After leaving the bar, Donzoko, I was ready to go home. I had work the following day, and did not have long before the last train home. Shinjuku is a hard place to leave though, and I soon found myself having a ‘quick drink’ at a tachinomiya in Shinjuku`s sanchome district.
One drink became two, and before I knew it I was in a karaoke booth with two nurses, Kimiko and a girl from Okinawa.
For three thousand yen we had an hour to sing and drink what we liked. The singing started dreadfully, and petered away after that. But the gin and tonics kept up a steady pace.
Before long, the Okinawan nurse was fast asleep. She was probably bored. For some reason, I had been trying to persuade Kimiko that not all French people are arrogant gits. I failed.
After finishing karaoke, the Okinawan nurse took a taxi home. Kimiko wanted to go to a gay club. Without hesitation, I agreed. After karaoke, it seemed a natural progression.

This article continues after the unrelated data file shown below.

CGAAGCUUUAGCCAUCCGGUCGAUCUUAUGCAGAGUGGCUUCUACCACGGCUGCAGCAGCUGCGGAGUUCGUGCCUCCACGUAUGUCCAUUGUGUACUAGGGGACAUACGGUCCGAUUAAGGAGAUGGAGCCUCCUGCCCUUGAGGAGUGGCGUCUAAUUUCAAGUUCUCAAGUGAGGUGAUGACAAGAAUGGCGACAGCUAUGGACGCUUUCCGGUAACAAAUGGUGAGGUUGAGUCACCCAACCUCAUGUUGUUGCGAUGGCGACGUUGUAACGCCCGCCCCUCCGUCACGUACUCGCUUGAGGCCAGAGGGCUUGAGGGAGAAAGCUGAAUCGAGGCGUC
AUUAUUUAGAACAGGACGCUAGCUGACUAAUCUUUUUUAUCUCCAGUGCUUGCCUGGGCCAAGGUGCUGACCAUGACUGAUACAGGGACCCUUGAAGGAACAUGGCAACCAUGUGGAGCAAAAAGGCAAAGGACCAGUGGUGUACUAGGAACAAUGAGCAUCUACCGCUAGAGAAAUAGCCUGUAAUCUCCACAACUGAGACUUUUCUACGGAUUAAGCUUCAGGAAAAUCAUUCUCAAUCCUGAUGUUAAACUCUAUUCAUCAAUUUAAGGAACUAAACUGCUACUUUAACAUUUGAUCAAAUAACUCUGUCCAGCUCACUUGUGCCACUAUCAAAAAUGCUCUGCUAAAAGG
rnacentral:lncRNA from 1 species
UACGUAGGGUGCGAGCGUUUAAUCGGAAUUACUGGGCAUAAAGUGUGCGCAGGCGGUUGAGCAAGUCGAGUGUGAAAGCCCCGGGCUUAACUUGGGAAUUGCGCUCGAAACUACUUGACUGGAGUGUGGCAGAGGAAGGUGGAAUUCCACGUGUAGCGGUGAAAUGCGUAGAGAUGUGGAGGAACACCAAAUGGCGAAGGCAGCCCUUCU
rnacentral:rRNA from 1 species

I had no idea what to expect inside. To be honest it was horrendous, but only in the same dismal fashion of all my other nightclub experiences. I hate nightclubs, gay or not. The loud music makes me angry, the darkness makes me tired, and the sweaty shirtless blokes make me feel old and flabby.
Fortunately Kimiko loved it. While I spent much of the night sat cradling a beer, Kimiko wandered around asking foreigners if she could slap their arses. Abit cheeky, I thought, but she seemed to savour every slap, and everybody was good-natured about it.
At 3am, we left Artfarty, had a Thai curry, then said goodnight. I have never had a Saturday quite like it but somehow, I suspect Kimiko has.